The medical credentialing process can take anywhere from a few weeks to several months depending on the complexity and completeness of the application, the availability and responsiveness of the primary sources, and the workload and efficiency of the CVO or health plan.
What are the Advantages of Medical Credentialing?
Medical credentialing offers many advantages for both healthcare providers and facilities:
Quality Assurance: Medical credentialing ensures that providers and facilities meet the highest standards of care and competence in their field. It also helps them maintain their credentials through periodic re-evaluation and updates. This enhances their reputation and credibility among patients, peers, regulators, insurers, and employers.
Cost Control: Medical credentialing helps reduce costs for insurance companies by preventing fraud, waste, and abuse in billing and reimbursement. It also helps providers and facilities negotiate better rates and contracts with insurers based on their credentials and performance. This increases their revenue and profitability.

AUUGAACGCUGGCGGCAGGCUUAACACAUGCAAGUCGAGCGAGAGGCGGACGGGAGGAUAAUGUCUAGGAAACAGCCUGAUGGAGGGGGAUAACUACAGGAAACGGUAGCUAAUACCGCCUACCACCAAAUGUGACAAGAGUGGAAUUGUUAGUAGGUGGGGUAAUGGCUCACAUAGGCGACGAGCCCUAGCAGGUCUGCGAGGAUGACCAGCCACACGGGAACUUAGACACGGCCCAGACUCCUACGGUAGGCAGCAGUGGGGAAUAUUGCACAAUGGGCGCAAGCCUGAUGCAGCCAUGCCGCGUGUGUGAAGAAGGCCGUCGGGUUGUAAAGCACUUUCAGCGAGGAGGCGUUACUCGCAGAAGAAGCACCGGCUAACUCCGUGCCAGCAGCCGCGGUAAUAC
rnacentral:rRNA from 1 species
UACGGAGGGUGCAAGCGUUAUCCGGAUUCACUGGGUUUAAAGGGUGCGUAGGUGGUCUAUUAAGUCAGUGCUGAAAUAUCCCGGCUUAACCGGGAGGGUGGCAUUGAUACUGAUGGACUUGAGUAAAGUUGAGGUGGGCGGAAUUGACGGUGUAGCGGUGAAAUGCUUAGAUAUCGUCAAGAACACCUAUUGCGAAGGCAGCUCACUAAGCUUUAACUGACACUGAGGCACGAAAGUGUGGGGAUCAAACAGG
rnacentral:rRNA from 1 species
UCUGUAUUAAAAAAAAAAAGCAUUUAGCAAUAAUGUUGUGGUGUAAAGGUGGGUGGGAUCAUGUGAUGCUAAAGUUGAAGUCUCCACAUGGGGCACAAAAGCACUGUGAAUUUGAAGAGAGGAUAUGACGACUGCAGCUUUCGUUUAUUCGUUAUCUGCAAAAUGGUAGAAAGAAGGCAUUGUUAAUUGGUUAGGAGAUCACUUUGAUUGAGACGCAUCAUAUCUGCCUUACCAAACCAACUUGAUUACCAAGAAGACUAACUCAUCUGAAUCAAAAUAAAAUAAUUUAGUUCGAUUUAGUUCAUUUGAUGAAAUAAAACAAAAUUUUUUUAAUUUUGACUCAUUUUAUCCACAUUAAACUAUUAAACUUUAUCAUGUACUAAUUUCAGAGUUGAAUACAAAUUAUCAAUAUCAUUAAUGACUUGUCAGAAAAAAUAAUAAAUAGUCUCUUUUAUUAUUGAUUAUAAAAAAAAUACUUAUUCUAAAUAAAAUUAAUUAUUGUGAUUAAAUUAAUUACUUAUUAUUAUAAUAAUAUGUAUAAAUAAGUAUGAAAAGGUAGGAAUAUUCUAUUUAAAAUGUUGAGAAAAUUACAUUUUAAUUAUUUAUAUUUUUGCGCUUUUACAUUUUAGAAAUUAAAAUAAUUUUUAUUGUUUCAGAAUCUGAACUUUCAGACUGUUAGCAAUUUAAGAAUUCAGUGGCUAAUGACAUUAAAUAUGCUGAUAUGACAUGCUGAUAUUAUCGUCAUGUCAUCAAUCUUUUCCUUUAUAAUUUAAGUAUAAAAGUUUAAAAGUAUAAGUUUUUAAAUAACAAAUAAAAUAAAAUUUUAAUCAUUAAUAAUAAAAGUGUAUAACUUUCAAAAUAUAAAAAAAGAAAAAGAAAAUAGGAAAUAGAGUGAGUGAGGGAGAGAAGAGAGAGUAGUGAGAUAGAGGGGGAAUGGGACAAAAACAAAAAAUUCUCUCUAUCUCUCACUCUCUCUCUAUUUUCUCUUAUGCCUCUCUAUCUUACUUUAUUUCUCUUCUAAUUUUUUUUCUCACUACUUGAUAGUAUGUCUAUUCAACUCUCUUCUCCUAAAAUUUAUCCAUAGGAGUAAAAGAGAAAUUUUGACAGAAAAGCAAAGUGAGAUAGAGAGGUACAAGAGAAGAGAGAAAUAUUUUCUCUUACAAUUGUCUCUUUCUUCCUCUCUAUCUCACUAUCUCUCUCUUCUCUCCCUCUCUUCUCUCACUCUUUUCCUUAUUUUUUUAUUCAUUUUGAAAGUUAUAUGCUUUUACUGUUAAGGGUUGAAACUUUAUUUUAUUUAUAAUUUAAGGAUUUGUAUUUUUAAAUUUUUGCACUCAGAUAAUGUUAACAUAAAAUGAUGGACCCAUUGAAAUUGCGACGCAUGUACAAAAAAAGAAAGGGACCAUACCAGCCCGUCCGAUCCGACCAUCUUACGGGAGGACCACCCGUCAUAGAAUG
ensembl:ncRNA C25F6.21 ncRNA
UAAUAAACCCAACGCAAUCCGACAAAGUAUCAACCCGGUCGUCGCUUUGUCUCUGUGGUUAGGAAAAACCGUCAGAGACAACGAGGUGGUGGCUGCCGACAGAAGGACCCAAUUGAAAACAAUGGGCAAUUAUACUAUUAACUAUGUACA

Patient Access: Medical credentialing allows providers and facilities to participate in various insurance networks and contracts that cover millions of patients across different regions and markets. This expands their patient base and increases their market share.
Patient Safety: Medical credentialing protects patients from malpractice, negligence, and errors in diagnosis and treatment by ensuring that providers and facilities have the necessary skills and qualifications to deliver safe and effective care. It also helps patients make informed choices about their healthcare providers and facilities based on their credentials and performance.
Which Healthcare Providers Require Medical Credentials?
Medical credentialing applies to all types of healthcare providers who offer direct patient care services. Some examples are: